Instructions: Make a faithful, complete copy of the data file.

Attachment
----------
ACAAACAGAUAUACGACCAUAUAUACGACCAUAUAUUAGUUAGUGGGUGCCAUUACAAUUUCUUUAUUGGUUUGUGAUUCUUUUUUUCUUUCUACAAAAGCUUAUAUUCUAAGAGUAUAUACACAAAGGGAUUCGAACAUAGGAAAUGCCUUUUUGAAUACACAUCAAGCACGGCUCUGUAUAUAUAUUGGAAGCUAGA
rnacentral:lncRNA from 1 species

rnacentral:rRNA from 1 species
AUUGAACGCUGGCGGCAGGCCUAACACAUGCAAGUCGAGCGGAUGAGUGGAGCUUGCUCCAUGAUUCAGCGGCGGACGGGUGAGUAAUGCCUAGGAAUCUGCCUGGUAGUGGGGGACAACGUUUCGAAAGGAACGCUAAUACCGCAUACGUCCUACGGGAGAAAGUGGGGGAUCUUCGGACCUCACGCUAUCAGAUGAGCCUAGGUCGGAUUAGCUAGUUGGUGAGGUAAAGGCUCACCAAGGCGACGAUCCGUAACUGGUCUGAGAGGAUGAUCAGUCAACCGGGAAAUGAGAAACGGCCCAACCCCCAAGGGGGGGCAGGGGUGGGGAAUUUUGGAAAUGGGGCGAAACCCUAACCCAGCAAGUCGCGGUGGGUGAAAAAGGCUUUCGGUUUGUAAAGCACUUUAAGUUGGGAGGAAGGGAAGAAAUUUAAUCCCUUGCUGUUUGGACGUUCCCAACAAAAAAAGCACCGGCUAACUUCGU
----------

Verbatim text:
ACAAACAGAUAUACGACCAUAUAUACGACCAUAUAUUAGUUAGUGGGUGCCAUUACAAUUUCUUUAUUGGUUUGUGAUUCUUUUUUUCUUUCUACAAAAGCUUAUAUUCUAAGAGUAUAUACACAAAGGGAUUCGAACAUAGGAAAUGCCUUUUUGAAUACACAUCAAGCACGGCUCUGUAUAUAUAUUGGAAGCUAGA
rnacentral:lncRNA from 1 species

rnacentral:rRNA from 1 species
AUUGAACGCUGGCGGCAGGCCUAACACAUGCAAGUCGAGCGGAUGAGUGGAGCUUGCUCCAUGAUUCAGCGGCGGACGGGUGAGUAAUGCCUAGGAAUCUGCCUGGUAGUGGGGGACAACGUUUCGAAAGGAACGCUAAUACCGCAUACGUCCUACGGGAGAAAGUGGGGGAUCUUCGGACCUCACGCUAUCAGAUGAGCCUAGGUCGGAUUAGCUAGUUGGUGAGGUAAAGGCUCACCAAGGCGACGAUCCGUAACUGGUCUGAGAGGAUGAUCAGUCAACCGGGAAAUGAGAAACGGCCCAACCCCCAAGGGGGGGCAGGGGUGGGGAAUUUUGGAAAUGGGGCGAAACCCUAACCCAGCAAGUCGCGGUGGGUGAAAAAGGCUUUCGGUUUGUAAAGCACUUUAAGUUGGGAGGAAGGGAAGAAAUUUAAUCCCUUGCUGUUUGGACGUUCCCAACAAAAAAAGCACCGGCUAACUUCGU